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The FTX scandal looks like a new twist on an old problem

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Old story: FTX founder Sam Bankman-Fried, centre, is escorted from the Magistrate Court in Nassau, Bahamas on Wednesday after agreeing to be extradited to the US. (AP Photo/Rebecca Blackwell)

The swift collapse of the cryptocurrency exchange FTX and the arrest of its founder Sam Bankman-Fried could lead one to think that the complexities of crypto are at the root of the company's collapse. But a closer look reveals that FTX's implosion could allegedly be nothing more than simple fraud, the type that has flourished in unregulated markets and industries since the dawn of Anglo-American financial capitalism.

The collapse of the Charitable Corporation, a financial scandal that rocked 18th-century London, is an early example of the type of corporate mismanagement and embezzlement that still rears its head with surprising frequency and exemplifies a historical pattern where regulation and oversight are always far behind financial innovation.

Corporate power has also stayed concentrated in too few hands, something that the "boy genius" model of entrepreneurship only exacerbates in the present day. And lastly, the continual cosy relationship between politics and capital only serves to abet, rather than root out, fraud.

The Charitable Corporation was established in London in 1707 "for the relief of the industrious poor by assisting them with small sums at legal interest." This company was created to protect poor tradesmen from predatory pawnbrokers who charged 30 per cent interest. Lack of access to easy credit at reasonable rates hurt small tradesmen, which in turn hurt Britain, known as a "nation of shopkeepers“. As an alternative, the corporation provided loans at the average rate of 5 per cent in return for a pledge of property for security.

Amy Froide

The Charitable Corporation was something new, a Protestant example of the Catholic Monti di Pietà (a charitable fund established to combat usury, or high rates of interest).

In 18th-century Britain, however, the institution was created not as a non-profit, but as a business venture. The enterprise was funded by offering shares to public investors. Since the trading of public stocks and government securities had emerged as a new avenue for capital, the British were continually looking for new companies in which to invest.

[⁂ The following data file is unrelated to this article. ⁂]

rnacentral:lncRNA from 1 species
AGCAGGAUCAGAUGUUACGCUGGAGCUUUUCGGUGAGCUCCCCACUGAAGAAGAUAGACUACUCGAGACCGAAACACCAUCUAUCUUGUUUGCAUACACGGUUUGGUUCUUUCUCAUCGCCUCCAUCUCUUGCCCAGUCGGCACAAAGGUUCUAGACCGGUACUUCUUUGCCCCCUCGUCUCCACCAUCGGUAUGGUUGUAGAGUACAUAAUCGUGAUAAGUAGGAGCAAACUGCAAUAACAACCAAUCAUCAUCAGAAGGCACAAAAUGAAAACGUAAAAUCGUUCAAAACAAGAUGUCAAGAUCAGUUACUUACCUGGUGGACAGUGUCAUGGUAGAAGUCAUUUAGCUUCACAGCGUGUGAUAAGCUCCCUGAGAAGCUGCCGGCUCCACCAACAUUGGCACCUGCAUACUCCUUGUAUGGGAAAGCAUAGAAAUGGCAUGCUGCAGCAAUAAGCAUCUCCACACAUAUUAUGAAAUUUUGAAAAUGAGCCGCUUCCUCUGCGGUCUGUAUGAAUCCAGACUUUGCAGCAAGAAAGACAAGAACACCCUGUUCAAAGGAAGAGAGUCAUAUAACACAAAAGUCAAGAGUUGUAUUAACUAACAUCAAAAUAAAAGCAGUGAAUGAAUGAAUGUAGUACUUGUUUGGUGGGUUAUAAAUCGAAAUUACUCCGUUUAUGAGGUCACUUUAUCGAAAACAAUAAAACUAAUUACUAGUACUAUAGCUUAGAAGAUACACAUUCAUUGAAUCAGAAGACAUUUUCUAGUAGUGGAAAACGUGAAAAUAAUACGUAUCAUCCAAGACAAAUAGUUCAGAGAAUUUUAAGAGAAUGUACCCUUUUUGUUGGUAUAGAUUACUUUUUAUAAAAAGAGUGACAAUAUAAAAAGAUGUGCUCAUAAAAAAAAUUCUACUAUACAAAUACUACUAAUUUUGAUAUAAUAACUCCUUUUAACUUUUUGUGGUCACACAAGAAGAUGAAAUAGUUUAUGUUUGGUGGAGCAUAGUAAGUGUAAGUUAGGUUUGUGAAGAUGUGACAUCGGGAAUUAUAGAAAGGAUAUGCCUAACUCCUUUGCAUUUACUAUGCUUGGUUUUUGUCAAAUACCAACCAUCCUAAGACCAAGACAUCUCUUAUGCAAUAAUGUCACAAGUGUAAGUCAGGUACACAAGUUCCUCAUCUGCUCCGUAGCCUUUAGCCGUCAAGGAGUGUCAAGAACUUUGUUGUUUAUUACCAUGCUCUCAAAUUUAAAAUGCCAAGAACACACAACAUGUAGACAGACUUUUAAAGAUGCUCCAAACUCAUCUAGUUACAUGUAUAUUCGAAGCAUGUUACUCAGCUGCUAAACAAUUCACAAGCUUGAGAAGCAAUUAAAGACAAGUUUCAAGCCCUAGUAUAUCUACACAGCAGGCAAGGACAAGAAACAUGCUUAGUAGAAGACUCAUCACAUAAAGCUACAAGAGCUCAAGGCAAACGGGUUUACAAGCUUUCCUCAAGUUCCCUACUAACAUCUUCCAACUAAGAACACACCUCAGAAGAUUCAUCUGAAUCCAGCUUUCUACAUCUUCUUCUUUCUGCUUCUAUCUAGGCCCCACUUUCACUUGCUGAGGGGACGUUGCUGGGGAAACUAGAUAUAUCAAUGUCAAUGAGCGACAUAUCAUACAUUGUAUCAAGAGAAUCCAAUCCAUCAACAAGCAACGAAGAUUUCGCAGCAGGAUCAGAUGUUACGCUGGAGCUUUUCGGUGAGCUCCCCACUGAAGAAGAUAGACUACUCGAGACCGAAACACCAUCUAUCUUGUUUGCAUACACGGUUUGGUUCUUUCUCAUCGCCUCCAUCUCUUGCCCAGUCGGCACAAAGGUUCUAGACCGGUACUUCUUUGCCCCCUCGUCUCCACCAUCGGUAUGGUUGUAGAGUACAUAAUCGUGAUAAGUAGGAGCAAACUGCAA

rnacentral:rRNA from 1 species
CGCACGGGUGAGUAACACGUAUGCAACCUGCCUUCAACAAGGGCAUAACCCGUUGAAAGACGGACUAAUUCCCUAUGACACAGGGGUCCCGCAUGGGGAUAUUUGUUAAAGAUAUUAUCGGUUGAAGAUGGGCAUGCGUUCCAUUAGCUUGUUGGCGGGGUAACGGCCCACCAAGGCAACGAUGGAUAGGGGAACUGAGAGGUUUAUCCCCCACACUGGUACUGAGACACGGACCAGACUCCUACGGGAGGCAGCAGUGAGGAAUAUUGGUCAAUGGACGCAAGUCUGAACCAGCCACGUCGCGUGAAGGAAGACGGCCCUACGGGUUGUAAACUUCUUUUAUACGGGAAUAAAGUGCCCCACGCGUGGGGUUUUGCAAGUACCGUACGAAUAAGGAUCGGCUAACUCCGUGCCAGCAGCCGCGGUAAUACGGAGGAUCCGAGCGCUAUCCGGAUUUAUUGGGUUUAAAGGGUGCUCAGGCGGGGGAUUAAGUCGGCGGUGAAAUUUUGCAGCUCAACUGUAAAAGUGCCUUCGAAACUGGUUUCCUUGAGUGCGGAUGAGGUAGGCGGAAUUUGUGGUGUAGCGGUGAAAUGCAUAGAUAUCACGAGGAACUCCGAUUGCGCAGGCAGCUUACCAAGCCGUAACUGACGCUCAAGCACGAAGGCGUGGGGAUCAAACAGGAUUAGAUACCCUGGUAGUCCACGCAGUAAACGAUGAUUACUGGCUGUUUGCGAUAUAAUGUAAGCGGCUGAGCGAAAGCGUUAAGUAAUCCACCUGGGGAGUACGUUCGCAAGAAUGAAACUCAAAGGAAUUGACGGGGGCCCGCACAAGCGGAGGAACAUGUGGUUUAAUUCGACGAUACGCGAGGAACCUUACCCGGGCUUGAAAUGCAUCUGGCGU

There were two reasons the Charitable Corporation seems to have appealed to investors: The first was that an investor in it could turn a profit while also doing good, and the second was the attractive 10 per cent dividends the Charitable Corporation paid out.

But in 1725, a new board of directors diverted the Charitable Corporation from its original mission. These men made the corporation their own piggy bank, taking money from it to buy shares in and prop up their other companies. At the same time the company's employees began to engage in fraud: Safety checks ceased, books were kept irregularly and pledges went unrecorded. Investigators would find that £200,000 (about $53.4 million in today's money) went out on loan on fictitious pledges.

In the fall of 1731, rumours began to circulate about the Charitable Corporation, and one of its officers, John Thompson, hid the company's books and fled to continental Europe.

The General Court of shareholders (held quarterly in this period as opposed to today's annual corporate meetings) came to find money, pledges and accounts all missing. At this point, the shareholders appealed to Parliament for redress and intriguingly one-third of the petitioners were women. Although women were always a significant minority of public investors in early-18th-century Britain, they represented an impressive third of the investors in the Charitable Corporation, perhaps because it was thought of as a business doing social good.

The House of Commons quickly launched an investigation. While some lip service was paid to the poor tradesmen who may have also been defrauded, the major focus was on the company's shareholders.

Parliament's investigation of the Charitable Corporation scandal ended with criminal charges against some of its officers, the estates of all the managers being seized and two of its directors being expelled from the House of Commons.